The Northern Regional Directorate of the Commission on Human Rights and Administrative Justice (CHRAJ) has called on students to play active roles in the campaign against corruption in the country.
It said their active involvement would help to promote good governance and accountability in the country.
Speaking on the topic: "The legal regimes on anti-corruption and the role of the tertiary students in the fight against corruption", Mr Stephen Azantilow, the Northern Regional Director of the Commission on Human Rights and Administrative Justice (CHRAJ), said the role of students in combating corruption in the country is vital and urged them to prevent corruption by helping to build an anti-corruption culture in the society.
Mr Azantilow was addressing students of the Tamale College of Education at a symposium organised by the National Commission for Civic Education (NCCE), in Tamale, as part of planned activities under the Accountability, Rule of Law and Anti-Corruption Programme (ARAP).
The ARAP, with funding support from the European Union (EU), seeks to promote good governance in the country by reducing corruption and improving on accountability and compliance with the rule of law.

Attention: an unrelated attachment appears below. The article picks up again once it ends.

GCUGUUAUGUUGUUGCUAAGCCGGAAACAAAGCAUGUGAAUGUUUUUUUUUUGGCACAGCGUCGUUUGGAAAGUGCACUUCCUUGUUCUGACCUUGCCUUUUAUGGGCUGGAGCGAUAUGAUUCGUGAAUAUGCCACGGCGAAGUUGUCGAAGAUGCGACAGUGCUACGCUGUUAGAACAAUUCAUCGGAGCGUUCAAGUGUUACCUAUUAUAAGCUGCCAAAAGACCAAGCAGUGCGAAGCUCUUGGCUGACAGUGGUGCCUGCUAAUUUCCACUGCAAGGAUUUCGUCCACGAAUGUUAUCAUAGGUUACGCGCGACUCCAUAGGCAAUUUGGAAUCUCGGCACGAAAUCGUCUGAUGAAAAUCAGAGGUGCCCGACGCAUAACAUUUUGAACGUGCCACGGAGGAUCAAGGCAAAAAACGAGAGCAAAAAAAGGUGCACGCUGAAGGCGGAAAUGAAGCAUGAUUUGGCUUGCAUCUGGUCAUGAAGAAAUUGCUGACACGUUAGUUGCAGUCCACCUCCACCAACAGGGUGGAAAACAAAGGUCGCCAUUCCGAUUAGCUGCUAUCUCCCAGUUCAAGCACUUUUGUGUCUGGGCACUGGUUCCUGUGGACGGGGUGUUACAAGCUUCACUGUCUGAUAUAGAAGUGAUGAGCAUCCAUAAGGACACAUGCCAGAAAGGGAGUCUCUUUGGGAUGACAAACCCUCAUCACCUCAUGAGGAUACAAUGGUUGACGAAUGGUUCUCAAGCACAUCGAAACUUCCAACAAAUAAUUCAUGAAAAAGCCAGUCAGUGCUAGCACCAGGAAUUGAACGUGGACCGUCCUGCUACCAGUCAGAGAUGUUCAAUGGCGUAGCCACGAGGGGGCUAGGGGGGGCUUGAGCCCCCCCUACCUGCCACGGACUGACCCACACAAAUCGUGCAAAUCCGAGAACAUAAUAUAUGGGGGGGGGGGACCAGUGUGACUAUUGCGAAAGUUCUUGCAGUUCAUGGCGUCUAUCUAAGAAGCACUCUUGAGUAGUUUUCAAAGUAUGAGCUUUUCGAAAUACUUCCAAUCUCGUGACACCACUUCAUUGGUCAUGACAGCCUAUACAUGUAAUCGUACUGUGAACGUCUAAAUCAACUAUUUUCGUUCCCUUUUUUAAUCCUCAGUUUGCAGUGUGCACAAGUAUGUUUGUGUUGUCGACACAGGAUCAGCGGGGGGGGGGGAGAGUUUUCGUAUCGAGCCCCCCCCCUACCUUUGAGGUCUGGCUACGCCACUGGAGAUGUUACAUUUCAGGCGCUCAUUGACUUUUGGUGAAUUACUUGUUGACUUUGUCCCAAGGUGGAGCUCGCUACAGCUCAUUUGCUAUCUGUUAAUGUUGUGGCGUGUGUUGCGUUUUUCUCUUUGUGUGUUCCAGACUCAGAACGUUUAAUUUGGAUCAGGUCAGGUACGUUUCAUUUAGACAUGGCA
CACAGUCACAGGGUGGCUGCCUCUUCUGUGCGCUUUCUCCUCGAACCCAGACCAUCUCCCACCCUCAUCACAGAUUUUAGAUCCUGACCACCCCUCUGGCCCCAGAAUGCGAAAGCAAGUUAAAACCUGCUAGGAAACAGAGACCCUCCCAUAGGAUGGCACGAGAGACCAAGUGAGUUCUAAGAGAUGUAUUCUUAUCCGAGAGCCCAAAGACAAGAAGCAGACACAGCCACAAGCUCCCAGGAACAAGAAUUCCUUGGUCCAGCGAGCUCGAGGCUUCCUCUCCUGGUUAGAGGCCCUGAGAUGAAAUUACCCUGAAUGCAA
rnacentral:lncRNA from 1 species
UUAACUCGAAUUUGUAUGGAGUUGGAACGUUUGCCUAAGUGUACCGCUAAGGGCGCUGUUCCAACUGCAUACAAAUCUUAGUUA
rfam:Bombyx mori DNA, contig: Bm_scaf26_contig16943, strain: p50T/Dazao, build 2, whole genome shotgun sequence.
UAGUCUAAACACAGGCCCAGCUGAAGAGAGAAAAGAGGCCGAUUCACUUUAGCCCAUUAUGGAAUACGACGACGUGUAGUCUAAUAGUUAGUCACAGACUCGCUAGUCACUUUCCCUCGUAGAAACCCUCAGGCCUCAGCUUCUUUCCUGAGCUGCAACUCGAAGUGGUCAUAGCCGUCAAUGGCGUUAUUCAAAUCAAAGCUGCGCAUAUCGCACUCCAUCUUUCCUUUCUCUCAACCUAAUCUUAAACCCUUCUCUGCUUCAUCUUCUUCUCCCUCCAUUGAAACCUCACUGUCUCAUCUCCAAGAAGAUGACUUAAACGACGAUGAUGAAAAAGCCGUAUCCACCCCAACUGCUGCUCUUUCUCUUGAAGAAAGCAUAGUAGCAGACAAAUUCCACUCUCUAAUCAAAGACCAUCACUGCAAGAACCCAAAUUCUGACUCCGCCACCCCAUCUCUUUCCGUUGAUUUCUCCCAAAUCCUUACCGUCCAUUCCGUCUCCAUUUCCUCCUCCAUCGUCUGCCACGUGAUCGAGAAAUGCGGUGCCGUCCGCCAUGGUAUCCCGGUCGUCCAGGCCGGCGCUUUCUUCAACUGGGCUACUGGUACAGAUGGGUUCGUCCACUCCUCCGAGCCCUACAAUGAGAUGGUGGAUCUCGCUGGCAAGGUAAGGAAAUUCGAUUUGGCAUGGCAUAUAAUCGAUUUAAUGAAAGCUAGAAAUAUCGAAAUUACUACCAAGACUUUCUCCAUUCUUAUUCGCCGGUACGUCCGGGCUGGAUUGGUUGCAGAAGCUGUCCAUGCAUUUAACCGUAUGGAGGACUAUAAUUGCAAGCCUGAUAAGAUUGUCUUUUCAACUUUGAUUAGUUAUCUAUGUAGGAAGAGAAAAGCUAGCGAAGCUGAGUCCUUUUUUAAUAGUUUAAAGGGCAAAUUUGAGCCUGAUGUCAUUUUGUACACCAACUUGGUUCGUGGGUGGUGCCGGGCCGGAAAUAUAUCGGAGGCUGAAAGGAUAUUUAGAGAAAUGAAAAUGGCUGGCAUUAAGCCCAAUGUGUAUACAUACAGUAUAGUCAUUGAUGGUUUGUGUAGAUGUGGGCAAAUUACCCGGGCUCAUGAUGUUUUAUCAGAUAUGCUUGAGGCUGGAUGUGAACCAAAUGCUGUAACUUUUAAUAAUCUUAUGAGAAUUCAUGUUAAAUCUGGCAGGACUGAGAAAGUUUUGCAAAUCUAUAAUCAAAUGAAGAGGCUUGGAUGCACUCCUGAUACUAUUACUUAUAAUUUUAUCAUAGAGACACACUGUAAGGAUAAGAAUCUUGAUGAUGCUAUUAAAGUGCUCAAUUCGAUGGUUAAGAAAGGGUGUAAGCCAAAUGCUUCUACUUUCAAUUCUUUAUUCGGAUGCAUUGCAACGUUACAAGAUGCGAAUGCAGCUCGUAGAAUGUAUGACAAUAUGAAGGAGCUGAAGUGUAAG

The CHRAJ Regional boss said there is the need for students to act as agents of change and drivers of anti-corruption movements in the society, adding; "students are expected to criticize informal policy on campus and put pressure on government to ensure that the laws governing education do not provide opportunities for corruption".
Mr Azantilow said as students, it is vital for them to understand and apply the values of anti-corruption in their everyday lives to drive transformation and bring sustainable development in their communities.
He said "as students, you need to be interested in fighting corruption in the country and you can do this by educating others on the adverse effects of corruption and the need to disengage from the act".
"Endeavour to report any act of corruption to the appropriate institutions for action to be taken against the culprits and I urge you all to uphold to the principles of integrity and discipline, as it will contribute to development in the country", he said.
Touching on legal regimes on anti-corruption, Mr Azantilow said, some laws and institutions have been established to combat corruption in the country adding that "the mere passage of laws cannot eradicate the canker. What this country needs is a multifaceted approach towards fighting corruption".
Alhaji Abdul Razak Saani, Northern Regional Director of the NCCE, said corruption is depriving the citizenry of their rights to development projects in the country, and stressed the need for the students to get actively involved in the fight against the act.
Mr Alhassan Saliu, a student of the College, said there is the need to strengthen anti-corruption institutions with the needed logistics to enable them deliver their duties devoid of government interference.